This ebook was by someone who manages to publish articles on food, wine, home and gardens for top national magazines and do marketing development and copywriting for companies like Lowe's and Costco - all while only working 20 hours a week and raising three young kids. I think there are a few things she can teach us! It is short (67 pages) and a quick read. The author focuses on management - of your time, your money, and your clients - as the method to get more done, more efficiently, and make more money doing it.
The Renegade Writer, by Linda Formichelli
The idea behind this book is that you should question the "rules" of marketing, writing, and interacting with publishers. The format of the book is a list of the presumed rules (like "you should always send an SASE") and then discusses why you should break the rule and when you should follow it. What I like about the book, beyond the useful tips, is that it advocates freelancers to take responsibility for their business. Stop following the rules, question the status quo, and figure out what works best for you, with your clients and your business. Good advice, no matter what business you are in.
The Well-Fed Writer, by Peter Bowerman
This book is based on the premise that the basis of a thriving freelance business is not writing articles for magazines but instead writing copy for businesses. My experience so far tells me this premise is exactly right. Althought the author comes from a background in marketing and sales, he breaks down the process of marketing and selling yourself to write marketing and sales copy (among other things) to a level that even me, with my liberal arts, decidedly not marketing-savvy background, can manage. If you want to make real money as a freelance, or even just build a stable base of steady clients to allow you to do the writing you are passionate about, you need this book. The author also offers supporting tools and coaching packages via his web page.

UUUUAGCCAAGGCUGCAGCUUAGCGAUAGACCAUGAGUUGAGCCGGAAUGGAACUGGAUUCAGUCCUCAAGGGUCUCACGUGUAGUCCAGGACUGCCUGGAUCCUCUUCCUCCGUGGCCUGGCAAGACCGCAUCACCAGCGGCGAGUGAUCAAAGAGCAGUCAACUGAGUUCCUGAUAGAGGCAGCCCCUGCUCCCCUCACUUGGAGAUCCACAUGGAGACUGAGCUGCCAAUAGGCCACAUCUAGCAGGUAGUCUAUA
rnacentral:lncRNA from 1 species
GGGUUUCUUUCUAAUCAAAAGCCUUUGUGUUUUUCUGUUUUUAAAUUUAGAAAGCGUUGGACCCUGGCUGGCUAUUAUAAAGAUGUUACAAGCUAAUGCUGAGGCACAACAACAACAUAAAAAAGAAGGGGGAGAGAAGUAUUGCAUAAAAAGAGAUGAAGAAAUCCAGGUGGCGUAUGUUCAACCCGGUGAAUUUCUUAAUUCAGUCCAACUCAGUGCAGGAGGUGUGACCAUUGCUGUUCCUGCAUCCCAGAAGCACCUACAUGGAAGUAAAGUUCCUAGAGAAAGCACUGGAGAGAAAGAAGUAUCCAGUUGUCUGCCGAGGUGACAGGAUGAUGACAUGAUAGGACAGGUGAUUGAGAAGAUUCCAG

Writer for Hire: 101 Secrets to Freelance Success, by Kelly James-Enger
One of my frustrations with other "How-To Freelance" books I've seen is that I come away from them feeling like I have to be anexperienced freelancer to get work as a freelancer. Sample queries all list years of publishing experience over hundrends of publications, and sections on networking seem to assume you already have a network of editors at your fingertips. I'm not an editor leaving a print publication and striking out on my own - I'm starting from scratch.
This book addresses that. I have to be honest here - I've only read the first chapter so far, but that's enough to put this book in my top 10 list. I have already implemented several of the suggestions from that chapter and I'm eager to start on the next batch. I'm sure that if I implement only half of the actions suggested by James-Enger, I will be seeing a rapid growth in my business. Even if you aren't a rank beginner like me, there are good tips in here for presenting yourself professionally, time management, and organization that will hep you push your business to the next level.
What books are you reading about writing? I'd love to hear your reccomendations!